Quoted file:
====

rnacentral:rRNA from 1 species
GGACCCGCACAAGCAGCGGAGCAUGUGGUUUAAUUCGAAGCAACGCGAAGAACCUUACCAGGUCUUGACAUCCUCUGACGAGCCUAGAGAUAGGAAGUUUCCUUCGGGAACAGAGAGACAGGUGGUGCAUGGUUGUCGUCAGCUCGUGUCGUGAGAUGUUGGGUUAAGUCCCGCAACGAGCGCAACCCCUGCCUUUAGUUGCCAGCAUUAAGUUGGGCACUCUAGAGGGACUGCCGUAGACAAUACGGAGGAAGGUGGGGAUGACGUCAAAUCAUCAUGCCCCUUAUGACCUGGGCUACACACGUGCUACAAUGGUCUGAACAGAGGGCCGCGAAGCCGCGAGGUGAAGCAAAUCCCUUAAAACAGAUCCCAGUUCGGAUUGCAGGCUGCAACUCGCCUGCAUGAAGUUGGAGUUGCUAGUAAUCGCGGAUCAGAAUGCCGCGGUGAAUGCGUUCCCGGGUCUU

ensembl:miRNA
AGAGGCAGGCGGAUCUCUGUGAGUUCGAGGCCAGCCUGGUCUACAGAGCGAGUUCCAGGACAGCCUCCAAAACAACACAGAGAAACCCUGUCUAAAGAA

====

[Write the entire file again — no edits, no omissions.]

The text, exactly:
rnacentral:rRNA from 1 species
GGACCCGCACAAGCAGCGGAGCAUGUGGUUUAAUUCGAAGCAACGCGAAGAACCUUACCAGGUCUUGACAUCCUCUGACGAGCCUAGAGAUAGGAAGUUUCCUUCGGGAACAGAGAGACAGGUGGUGCAUGGUUGUCGUCAGCUCGUGUCGUGAGAUGUUGGGUUAAGUCCCGCAACGAGCGCAACCCCUGCCUUUAGUUGCCAGCAUUAAGUUGGGCACUCUAGAGGGACUGCCGUAGACAAUACGGAGGAAGGUGGGGAUGACGUCAAAUCAUCAUGCCCCUUAUGACCUGGGCUACACACGUGCUACAAUGGUCUGAACAGAGGGCCGCGAAGCCGCGAGGUGAAGCAAAUCCCUUAAAACAGAUCCCAGUUCGGAUUGCAGGCUGCAACUCGCCUGCAUGAAGUUGGAGUUGCUAGUAAUCGCGGAUCAGAAUGCCGCGGUGAAUGCGUUCCCGGGUCUU

ensembl:miRNA
AGAGGCAGGCGGAUCUCUGUGAGUUCGAGGCCAGCCUGGUCUACAGAGCGAGUUCCAGGACAGCCUCCAAAACAACACAGAGAAACCCUGUCUAAAGAA